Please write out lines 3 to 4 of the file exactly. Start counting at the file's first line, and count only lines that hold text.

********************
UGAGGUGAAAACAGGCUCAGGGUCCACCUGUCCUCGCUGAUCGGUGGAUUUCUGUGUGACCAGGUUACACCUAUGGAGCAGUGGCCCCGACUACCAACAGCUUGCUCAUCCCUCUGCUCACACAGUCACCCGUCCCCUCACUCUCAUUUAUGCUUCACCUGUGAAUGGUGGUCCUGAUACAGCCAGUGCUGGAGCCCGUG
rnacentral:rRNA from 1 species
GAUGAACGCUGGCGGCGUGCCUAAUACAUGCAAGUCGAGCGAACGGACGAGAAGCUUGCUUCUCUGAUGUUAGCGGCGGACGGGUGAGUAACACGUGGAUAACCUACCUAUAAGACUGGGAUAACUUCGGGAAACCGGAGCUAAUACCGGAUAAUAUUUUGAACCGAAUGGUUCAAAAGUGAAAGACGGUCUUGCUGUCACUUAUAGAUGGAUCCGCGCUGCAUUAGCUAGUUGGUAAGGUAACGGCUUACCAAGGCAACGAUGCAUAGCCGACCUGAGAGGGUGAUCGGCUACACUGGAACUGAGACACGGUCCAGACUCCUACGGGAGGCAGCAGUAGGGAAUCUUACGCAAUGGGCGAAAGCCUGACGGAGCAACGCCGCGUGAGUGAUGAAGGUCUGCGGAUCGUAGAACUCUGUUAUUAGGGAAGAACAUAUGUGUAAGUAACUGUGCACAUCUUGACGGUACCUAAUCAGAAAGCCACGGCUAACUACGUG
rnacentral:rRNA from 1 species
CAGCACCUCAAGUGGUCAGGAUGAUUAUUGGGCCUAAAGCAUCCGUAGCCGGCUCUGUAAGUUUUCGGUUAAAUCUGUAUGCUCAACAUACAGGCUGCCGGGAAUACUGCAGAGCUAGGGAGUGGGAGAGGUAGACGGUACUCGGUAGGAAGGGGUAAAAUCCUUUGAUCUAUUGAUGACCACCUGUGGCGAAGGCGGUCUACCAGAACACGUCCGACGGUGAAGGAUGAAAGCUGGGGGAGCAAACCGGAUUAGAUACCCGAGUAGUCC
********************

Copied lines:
GAUGAACGCUGGCGGCGUGCCUAAUACAUGCAAGUCGAGCGAACGGACGAGAAGCUUGCUUCUCUGAUGUUAGCGGCGGACGGGUGAGUAACACGUGGAUAACCUACCUAUAAGACUGGGAUAACUUCGGGAAACCGGAGCUAAUACCGGAUAAUAUUUUGAACCGAAUGGUUCAAAAGUGAAAGACGGUCUUGCUGUCACUUAUAGAUGGAUCCGCGCUGCAUUAGCUAGUUGGUAAGGUAACGGCUUACCAAGGCAACGAUGCAUAGCCGACCUGAGAGGGUGAUCGGCUACACUGGAACUGAGACACGGUCCAGACUCCUACGGGAGGCAGCAGUAGGGAAUCUUACGCAAUGGGCGAAAGCCUGACGGAGCAACGCCGCGUGAGUGAUGAAGGUCUGCGGAUCGUAGAACUCUGUUAUUAGGGAAGAACAUAUGUGUAAGUAACUGUGCACAUCUUGACGGUACCUAAUCAGAAAGCCACGGCUAACUACGUG
rnacentral:rRNA from 1 species